A value from a list, with a variable index: {{ mylist[myintvar] }}.

A value from an object's method: {{ myobj.somemethod() }}.

Variables can be modified with filters, which are added after the variable name with a pipe character as separator. For example, the following template shows the name variable capitalized: Hello, {{ name|capitalize }} Table 3-1 lists some of the commonly used filters that come with Jinja2. Table 3-1. Jinja2 variable filters Filter name Description safe Renders the value without applying escaping capitalize Converts the first character of the value to uppercase and the rest to lowercase lower Converts the value to lowercase characters upper Converts the value to uppercase characters title Capitalizes each word in the value trim Removes leading and trailing whitespace from the value striptags Removes any HTML tags from the value before rendering The safe filter is interesting to highlight. By default Jinja2 escapes all variables for se‐ curity purposes. For example, if a variable is set to the value '

Hello

', Jinja2 The Jinja2 Template Engine | 23 will render the string as '<h1>Hello</h1>', which will cause the h1 ele‐ ment to be displayed and not interpreted by the browser. Many times it is necessary to display HTML code stored in variables, and for those cases the safe filter is used. Never use the safe filter on values that aren’t trusted, such as text entered by users on web forms. The complete list of filters can be obtained from the official Jinja2 documentation. Control Structures Jinja2 offers several control structures that can be used to alter the flow of the template. This section introduces some of the most useful ones with simple examples. The following example shows how conditional statements can be entered in a template: {% if user %} Hello, {{ user }}! {% else %} Hello, Stranger! {% endif %} Another common need in templates is to render a list of elements. This example shows how this can be done with a for loop:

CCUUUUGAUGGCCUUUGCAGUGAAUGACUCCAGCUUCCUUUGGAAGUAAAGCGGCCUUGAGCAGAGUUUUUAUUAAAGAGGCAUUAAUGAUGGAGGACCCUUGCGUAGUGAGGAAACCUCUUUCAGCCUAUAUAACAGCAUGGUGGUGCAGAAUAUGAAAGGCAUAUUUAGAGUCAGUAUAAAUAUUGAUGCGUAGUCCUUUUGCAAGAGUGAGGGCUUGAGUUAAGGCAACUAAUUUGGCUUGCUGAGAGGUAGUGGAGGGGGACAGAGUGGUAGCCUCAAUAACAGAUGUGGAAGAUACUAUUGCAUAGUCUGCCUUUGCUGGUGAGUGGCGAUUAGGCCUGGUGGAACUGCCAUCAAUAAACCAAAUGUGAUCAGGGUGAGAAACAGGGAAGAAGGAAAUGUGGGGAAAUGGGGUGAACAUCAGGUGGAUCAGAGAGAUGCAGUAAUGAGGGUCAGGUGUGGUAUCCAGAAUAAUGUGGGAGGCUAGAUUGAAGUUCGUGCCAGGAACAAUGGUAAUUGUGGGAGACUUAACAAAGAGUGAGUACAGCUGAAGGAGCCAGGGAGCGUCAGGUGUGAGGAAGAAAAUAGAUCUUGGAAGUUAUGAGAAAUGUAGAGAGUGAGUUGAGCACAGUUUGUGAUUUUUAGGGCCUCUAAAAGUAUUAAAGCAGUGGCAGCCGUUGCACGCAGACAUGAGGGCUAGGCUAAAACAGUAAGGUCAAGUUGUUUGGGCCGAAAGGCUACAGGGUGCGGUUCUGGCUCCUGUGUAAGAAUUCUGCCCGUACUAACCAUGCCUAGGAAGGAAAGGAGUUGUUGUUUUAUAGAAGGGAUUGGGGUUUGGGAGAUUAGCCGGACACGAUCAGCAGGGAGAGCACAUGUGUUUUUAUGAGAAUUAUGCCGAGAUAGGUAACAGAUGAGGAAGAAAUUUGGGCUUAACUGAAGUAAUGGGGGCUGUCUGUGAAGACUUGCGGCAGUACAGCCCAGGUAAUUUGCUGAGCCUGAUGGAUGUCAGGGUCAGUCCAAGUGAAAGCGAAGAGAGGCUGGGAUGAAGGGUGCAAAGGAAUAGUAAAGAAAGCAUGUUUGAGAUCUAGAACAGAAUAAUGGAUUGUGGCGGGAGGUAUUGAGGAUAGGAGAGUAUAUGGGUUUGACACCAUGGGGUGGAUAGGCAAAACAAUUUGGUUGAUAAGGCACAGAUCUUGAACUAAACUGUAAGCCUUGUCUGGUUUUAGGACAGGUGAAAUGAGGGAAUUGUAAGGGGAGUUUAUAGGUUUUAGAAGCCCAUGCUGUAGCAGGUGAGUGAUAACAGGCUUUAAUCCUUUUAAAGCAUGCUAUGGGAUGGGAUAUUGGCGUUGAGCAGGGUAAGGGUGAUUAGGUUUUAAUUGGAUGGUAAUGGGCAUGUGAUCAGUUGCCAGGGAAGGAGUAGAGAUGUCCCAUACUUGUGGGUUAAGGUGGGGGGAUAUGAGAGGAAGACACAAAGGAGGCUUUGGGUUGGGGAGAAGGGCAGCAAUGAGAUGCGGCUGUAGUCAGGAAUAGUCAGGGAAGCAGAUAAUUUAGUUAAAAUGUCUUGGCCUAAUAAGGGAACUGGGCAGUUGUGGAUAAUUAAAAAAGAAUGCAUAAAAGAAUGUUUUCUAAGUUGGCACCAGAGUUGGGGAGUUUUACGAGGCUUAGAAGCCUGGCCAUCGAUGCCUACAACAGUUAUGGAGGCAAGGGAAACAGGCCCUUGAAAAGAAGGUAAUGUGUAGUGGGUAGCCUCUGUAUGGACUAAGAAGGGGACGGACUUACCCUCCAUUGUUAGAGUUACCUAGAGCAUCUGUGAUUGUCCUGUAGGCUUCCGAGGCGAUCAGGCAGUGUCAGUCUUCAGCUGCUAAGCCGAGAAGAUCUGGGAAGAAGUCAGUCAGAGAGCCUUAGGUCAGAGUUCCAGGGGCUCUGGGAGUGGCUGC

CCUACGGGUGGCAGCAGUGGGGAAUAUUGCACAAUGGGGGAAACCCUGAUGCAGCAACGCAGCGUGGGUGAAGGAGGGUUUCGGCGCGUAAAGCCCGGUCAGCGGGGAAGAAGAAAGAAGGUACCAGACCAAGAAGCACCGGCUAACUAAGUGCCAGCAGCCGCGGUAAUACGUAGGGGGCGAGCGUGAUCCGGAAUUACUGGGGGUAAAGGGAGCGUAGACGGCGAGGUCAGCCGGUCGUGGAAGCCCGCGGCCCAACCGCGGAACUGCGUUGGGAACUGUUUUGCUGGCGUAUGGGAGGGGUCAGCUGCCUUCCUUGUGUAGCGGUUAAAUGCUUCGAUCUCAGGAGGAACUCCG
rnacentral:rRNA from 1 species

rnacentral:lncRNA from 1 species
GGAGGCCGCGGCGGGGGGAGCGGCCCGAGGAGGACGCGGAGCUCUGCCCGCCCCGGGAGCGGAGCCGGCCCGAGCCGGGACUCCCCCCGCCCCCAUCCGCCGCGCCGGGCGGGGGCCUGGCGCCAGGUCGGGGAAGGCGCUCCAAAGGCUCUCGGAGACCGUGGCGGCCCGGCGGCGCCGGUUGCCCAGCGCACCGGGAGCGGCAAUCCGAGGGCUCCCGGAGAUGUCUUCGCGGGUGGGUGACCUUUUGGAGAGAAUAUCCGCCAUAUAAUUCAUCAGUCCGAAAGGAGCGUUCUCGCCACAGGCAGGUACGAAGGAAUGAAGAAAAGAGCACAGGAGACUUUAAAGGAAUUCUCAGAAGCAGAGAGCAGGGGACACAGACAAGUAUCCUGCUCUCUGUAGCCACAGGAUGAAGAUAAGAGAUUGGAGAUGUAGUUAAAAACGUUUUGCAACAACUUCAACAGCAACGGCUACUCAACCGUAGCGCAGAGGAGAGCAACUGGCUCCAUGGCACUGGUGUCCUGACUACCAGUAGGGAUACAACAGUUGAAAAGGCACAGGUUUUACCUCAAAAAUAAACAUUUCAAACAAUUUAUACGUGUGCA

{% for comment in comments %}
  • {{ comment }}
  • {% endfor %}
Jinja2 also supports macros, which are similar to functions in Python code. For example: {% macro render_comment(comment) %}
  • {{ comment }}
  • {% endmacro %}
      {% for comment in comments %} {{ render_comment(comment) }} {% endfor %}